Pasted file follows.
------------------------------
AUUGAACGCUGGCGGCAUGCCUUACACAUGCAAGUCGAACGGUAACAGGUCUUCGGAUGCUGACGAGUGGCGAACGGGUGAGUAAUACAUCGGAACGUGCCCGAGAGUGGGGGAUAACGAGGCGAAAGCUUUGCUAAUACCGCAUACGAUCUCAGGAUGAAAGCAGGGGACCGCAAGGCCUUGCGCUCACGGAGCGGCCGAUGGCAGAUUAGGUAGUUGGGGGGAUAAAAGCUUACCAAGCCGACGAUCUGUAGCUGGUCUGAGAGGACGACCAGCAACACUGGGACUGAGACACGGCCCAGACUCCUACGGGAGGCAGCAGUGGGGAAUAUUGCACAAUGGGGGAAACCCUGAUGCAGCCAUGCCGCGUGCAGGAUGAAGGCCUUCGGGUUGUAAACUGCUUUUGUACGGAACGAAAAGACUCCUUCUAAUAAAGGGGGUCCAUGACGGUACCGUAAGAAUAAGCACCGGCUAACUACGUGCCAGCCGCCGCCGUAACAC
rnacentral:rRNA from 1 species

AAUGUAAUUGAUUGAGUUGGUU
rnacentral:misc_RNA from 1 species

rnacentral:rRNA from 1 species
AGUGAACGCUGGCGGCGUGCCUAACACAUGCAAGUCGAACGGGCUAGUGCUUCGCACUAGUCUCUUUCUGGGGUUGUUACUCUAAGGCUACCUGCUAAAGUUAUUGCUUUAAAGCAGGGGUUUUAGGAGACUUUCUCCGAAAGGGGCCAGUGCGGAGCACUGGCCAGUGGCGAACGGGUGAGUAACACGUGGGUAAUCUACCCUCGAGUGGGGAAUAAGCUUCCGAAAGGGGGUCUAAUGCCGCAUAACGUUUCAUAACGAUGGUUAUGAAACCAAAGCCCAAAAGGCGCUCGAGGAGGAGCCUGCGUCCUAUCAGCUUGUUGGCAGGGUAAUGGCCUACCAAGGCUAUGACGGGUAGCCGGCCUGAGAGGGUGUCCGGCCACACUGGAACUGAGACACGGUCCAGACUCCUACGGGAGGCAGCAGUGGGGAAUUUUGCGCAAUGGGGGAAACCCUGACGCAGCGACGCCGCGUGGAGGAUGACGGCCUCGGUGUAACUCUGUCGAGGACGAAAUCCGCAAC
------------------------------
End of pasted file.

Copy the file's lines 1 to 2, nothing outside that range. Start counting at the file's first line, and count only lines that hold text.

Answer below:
AUUGAACGCUGGCGGCAUGCCUUACACAUGCAAGUCGAACGGUAACAGGUCUUCGGAUGCUGACGAGUGGCGAACGGGUGAGUAAUACAUCGGAACGUGCCCGAGAGUGGGGGAUAACGAGGCGAAAGCUUUGCUAAUACCGCAUACGAUCUCAGGAUGAAAGCAGGGGACCGCAAGGCCUUGCGCUCACGGAGCGGCCGAUGGCAGAUUAGGUAGUUGGGGGGAUAAAAGCUUACCAAGCCGACGAUCUGUAGCUGGUCUGAGAGGACGACCAGCAACACUGGGACUGAGACACGGCCCAGACUCCUACGGGAGGCAGCAGUGGGGAAUAUUGCACAAUGGGGGAAACCCUGAUGCAGCCAUGCCGCGUGCAGGAUGAAGGCCUUCGGGUUGUAAACUGCUUUUGUACGGAACGAAAAGACUCCUUCUAAUAAAGGGGGUCCAUGACGGUACCGUAAGAAUAAGCACCGGCUAACUACGUGCCAGCCGCCGCCGUAACAC
rnacentral:rRNA from 1 species